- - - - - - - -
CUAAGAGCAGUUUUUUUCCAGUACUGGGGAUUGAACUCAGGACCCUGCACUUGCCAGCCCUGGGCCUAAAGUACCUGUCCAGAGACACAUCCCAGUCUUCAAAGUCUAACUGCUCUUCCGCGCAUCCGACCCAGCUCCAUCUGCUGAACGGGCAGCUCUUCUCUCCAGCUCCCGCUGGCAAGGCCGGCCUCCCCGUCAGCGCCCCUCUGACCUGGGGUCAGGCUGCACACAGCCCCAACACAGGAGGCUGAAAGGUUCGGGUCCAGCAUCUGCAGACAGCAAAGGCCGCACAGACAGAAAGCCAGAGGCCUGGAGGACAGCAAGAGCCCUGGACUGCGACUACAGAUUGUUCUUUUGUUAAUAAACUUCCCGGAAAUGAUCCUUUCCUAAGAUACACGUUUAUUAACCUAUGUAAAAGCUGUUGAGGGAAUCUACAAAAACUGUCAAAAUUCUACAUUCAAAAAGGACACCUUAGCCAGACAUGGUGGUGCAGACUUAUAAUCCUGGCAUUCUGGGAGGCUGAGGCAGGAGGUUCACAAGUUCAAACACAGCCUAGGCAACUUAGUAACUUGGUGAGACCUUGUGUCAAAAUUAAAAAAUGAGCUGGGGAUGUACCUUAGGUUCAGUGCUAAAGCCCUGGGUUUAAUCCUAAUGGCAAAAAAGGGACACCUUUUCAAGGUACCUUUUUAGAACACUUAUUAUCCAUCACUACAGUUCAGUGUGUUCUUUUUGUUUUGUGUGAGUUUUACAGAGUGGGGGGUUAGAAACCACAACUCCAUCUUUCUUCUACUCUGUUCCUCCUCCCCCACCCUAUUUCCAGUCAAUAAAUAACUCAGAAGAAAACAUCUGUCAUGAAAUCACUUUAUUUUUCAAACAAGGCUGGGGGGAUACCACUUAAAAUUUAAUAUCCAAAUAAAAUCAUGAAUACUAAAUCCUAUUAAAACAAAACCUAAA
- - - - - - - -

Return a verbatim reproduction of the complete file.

CUAAGAGCAGUUUUUUUCCAGUACUGGGGAUUGAACUCAGGACCCUGCACUUGCCAGCCCUGGGCCUAAAGUACCUGUCCAGAGACACAUCCCAGUCUUCAAAGUCUAACUGCUCUUCCGCGCAUCCGACCCAGCUCCAUCUGCUGAACGGGCAGCUCUUCUCUCCAGCUCCCGCUGGCAAGGCCGGCCUCCCCGUCAGCGCCCCUCUGACCUGGGGUCAGGCUGCACACAGCCCCAACACAGGAGGCUGAAAGGUUCGGGUCCAGCAUCUGCAGACAGCAAAGGCCGCACAGACAGAAAGCCAGAGGCCUGGAGGACAGCAAGAGCCCUGGACUGCGACUACAGAUUGUUCUUUUGUUAAUAAACUUCCCGGAAAUGAUCCUUUCCUAAGAUACACGUUUAUUAACCUAUGUAAAAGCUGUUGAGGGAAUCUACAAAAACUGUCAAAAUUCUACAUUCAAAAAGGACACCUUAGCCAGACAUGGUGGUGCAGACUUAUAAUCCUGGCAUUCUGGGAGGCUGAGGCAGGAGGUUCACAAGUUCAAACACAGCCUAGGCAACUUAGUAACUUGGUGAGACCUUGUGUCAAAAUUAAAAAAUGAGCUGGGGAUGUACCUUAGGUUCAGUGCUAAAGCCCUGGGUUUAAUCCUAAUGGCAAAAAAGGGACACCUUUUCAAGGUACCUUUUUAGAACACUUAUUAUCCAUCACUACAGUUCAGUGUGUUCUUUUUGUUUUGUGUGAGUUUUACAGAGUGGGGGGUUAGAAACCACAACUCCAUCUUUCUUCUACUCUGUUCCUCCUCCCCCACCCUAUUUCCAGUCAAUAAAUAACUCAGAAGAAAACAUCUGUCAUGAAAUCACUUUAUUUUUCAAACAAGGCUGGGGGGAUACCACUUAAAAUUUAAUAUCCAAAUAAAAUCAUGAAUACUAAAUCCUAUUAAAACAAAACCUAAA